DefinitionThis section has been translated automatically.
Specialist area that deals clinically and scientifically with disorders of male fertility and their therapy; today, within the framework of reproductive medicine, also operated interdisciplinarily by specialised urologists, gynaecologists and endocrinologists. Specialist area anchored in the further training to become a regional doctor for skin and sexually transmitted diseases.
General informationThis section has been translated automatically.
- Medical history:
- Andrological and general history: testicular abnormalities (trauma, surgery, high standing), stimulants (alcohol, nicotine, hard drugs), stress, heat exposure, hypogonadism (loss of libido, erectile dysfunction, depression, diabetes mell., bronchial asthma, liver disease).
- Sexual history: Erectile dysfunction (act related, partner related, situation related, acute, chronic), ejaculation disorders (premature ejaculation), orgasm disorders (anorgasmia). State of knowledge about the time of conception (basal body temperature method: due to thermogenetic effects of progesterone, post-ovulatory morning temperature rises in the morning. Body temperature increases by 0.3-0.5 °C post-ovulatory in the morning). Frequency of sexual intercourse (ideally 3-5 days of sexual leave), suppression of spermatogenesis (high feverish infections in the last 12 weeks, mumpsorchitis, STD.
- Medical history: cytostatic drugs, glucocorticoids, colchicine, antidepressants, antiemetics, antibiotics (nitrofurantoins, gentamicin, cotrimoxazole).
- Partner findings: pregnancy, abortion, age, cycle, ovulation, medication, diseases, inseminations, in-vitro fertilization, tubal patency.
Cave! Often a distinction can be made between primary (congenital) and secondary infertility (acquired or caused by the partner) according to the medical history.
- Clinical examination:
- Inspection: body shape, fat distribution, mammary glands, hair pattern, penis ( phimosis, balanitis, urethra, epispadias, hypospadias, corpus cavernosum).
- Palpation: Organs of the scrotum (smooth, prallelastic), exclusion of pendulum testis (located at the outer inguinal ring) and testicular ectopy (perineal, crural, transcrural), sliding testis (permanently at the outer inguinal ring, reducible in the scrotum), epididymis definable, vasa deferentia (pencil-like palpable, difficult), rectal prostate palpation.
- Gynecomastia (puberty, obesity, Klinefelter's, hypogonadism, hyperprolactinemia, NNR tumor, spironolactone, mamma-ca).
- Varicocele diagnosis according to WHO scheme, see below varicocele.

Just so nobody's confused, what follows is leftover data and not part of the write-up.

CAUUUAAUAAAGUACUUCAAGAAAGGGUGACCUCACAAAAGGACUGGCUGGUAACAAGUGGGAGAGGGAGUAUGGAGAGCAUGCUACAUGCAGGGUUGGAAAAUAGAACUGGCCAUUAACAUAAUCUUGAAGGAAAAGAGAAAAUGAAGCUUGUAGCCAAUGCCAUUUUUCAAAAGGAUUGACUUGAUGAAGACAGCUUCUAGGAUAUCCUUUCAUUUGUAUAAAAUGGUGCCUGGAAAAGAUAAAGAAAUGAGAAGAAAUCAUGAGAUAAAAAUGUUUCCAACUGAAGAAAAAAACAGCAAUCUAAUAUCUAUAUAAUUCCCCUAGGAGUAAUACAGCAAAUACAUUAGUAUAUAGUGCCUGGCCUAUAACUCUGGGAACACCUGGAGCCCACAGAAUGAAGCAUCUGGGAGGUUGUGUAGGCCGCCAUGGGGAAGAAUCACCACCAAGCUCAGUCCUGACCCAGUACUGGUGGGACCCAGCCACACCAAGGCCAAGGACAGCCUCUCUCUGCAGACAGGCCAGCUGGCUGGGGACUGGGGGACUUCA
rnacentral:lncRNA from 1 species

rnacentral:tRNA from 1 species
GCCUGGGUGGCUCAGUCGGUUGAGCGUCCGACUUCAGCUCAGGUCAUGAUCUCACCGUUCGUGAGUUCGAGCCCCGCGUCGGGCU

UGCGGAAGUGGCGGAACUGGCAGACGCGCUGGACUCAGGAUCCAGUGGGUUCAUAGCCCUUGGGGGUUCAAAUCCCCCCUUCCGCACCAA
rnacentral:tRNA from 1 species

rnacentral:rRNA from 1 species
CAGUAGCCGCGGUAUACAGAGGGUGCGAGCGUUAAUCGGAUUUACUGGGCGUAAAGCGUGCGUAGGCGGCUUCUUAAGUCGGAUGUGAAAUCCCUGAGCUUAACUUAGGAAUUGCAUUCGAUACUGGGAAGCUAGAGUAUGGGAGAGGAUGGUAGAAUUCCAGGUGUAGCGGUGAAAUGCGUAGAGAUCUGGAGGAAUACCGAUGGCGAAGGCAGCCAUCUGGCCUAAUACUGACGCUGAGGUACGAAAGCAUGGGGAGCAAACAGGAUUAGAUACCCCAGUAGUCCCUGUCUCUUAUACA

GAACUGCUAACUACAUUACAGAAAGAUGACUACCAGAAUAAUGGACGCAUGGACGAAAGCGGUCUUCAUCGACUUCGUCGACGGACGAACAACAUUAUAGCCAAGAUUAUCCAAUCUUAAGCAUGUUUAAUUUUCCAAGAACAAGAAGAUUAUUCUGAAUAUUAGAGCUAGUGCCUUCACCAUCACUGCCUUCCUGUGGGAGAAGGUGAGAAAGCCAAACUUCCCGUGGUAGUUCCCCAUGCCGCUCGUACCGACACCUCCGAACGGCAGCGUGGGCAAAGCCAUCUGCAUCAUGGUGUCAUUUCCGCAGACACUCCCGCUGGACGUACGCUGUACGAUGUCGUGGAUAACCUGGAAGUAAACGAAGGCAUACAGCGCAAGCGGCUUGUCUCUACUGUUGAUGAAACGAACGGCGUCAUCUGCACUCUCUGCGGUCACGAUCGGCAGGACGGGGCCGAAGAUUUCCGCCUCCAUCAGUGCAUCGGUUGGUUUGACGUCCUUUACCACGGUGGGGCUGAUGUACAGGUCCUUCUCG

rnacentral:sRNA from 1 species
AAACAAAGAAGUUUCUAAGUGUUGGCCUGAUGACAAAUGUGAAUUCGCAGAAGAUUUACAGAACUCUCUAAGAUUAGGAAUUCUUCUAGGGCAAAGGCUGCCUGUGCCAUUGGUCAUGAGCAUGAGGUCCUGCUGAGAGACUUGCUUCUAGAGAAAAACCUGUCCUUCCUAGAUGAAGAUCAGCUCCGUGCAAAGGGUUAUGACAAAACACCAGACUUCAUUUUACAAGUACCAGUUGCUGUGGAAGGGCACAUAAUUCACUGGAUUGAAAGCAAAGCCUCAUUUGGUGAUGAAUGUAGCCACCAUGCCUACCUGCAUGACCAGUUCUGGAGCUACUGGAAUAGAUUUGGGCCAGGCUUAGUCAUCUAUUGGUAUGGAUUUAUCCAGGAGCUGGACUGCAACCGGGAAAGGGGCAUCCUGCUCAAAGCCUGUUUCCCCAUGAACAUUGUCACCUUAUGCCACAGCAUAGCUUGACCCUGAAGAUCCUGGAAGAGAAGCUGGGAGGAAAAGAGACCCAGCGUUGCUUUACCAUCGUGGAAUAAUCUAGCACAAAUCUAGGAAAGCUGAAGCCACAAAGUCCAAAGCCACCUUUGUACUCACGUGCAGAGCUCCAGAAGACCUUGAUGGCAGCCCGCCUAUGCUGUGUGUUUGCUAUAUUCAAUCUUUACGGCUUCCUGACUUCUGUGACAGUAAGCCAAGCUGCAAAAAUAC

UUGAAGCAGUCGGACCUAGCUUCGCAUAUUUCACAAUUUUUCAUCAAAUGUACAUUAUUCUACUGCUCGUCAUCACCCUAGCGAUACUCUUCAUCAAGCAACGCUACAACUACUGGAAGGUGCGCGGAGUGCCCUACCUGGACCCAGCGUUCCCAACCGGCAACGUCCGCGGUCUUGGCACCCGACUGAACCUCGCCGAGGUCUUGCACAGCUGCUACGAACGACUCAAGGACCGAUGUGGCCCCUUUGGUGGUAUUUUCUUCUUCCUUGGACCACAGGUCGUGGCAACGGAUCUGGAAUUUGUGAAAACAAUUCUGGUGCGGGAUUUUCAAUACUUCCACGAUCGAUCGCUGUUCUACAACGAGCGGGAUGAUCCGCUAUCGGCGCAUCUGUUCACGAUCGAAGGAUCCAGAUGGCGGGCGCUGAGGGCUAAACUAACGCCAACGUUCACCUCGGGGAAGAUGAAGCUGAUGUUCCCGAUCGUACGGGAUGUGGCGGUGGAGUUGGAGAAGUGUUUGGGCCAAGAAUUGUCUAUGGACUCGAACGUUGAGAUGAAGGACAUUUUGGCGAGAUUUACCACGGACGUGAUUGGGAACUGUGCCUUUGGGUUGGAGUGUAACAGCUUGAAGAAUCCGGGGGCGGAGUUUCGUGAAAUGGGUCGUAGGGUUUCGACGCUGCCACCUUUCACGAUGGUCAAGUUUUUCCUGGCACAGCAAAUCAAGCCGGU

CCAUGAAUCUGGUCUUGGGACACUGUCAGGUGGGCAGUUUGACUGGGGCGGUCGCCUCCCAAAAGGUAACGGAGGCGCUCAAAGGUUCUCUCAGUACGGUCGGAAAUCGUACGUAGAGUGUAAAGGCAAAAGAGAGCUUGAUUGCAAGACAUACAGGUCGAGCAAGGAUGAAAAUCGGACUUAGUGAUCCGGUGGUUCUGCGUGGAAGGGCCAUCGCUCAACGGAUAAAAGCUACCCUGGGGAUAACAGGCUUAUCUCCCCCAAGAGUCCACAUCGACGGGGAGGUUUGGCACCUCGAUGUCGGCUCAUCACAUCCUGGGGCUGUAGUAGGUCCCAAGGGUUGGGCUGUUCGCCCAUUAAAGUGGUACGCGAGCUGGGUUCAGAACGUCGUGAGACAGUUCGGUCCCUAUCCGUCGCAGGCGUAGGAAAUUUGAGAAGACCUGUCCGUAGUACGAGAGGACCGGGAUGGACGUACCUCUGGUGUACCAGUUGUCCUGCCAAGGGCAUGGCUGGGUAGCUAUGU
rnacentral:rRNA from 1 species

- Apparative diagnostics:
- testicular volume measurement with orchidometer. Doppler or duplex sonography for varicocele exclusion (Valsalva manoeuvre), if necessary penis sonography, sonography of the scrotal content (testicular tumour 1% as reason for infertility), transrectal sonography (high urethral occlusion of the seminal ducts, prostate), if necessary mammography (in cases of gynaecomastia, among others), if necessary, sella-turcica target image with MRT, if necessary transfemoral selective phlebography of the internal spermatic cord, computer-aided sperm analysis (CASA).
- testicular biopsy.
- Karyogram, if necessary.
LaboratoryThis section has been translated automatically.
- Inflammation diagnostics: blood count (leukocytes, erythrocytes, macrophages), peroxidase-positive cells (granulocytes, normally < 1 million/ml ejaculate, detection by peroxidase method), granulocyte elastase (normal: < 250 ng/ml ejaculate in detection by EIA), IgG, IgA, C3 complement (as detection in case of disturbance of the blood-sperm plasma barrier), reactive oxygen species (from leukocytes), syphilisserology , HIV ( ELISA), hepatitis serology.
- Microbiological examination of the sterile ejaculate for: Chlamydia (PCR, direct microscopic detection), Neisseria gonorrhoeae, Mycoplasma spp., E. coli spp., Pseudonomas aeroginosa, Proteus spp., Klebsiella spp., Enterococci spp., Mycobacterium tuberculosis.
- Immunology: MAR-Test (Mixed-Antiglobulin-Reaction-Test) for the detection of IgG or IgA on the sperm surface by latex-bound antibodies (test is considered positive if 50% of motile sperm have bound latex particles).
- Endocrinology (exclusion of androgen resistance, hypogonadism): GnRH, LH, HCG test, FSH, prolactin, short-term GnRH test, GnRH pump test, inhibin B.
LiteratureThis section has been translated automatically.
- Bollmann R et al (2001) Chlamydia trachomatis in andrologic patients--direct and indirect detection. Infection 29: 113-118
- Köhn FM, Haidl G (2002) Andrological diagnostics. dermatologist 53: 761-779
- Rowe PJ et al (2000) WHO manual for the standardized investigation, diagnosis, and management of the infertile male. Cambridge University Press, Cambridge
- Shafik A, El-Sibai O (2000) Mechanism of ejection during ejaculation: identification of a urethrocavernosus reflex. Arch androl 44: 77-83
- WHO (1999) Laboratory Manual for the Examination of Human Ejaculate and Sperm-Cervical Mucus Interaction, 4th ed. Springer, Berlin Heidelberg New York Tokyo
- Wolff H et al (1994) Andrologic variables for in vitro fertilization. dermatologist 45: 605-610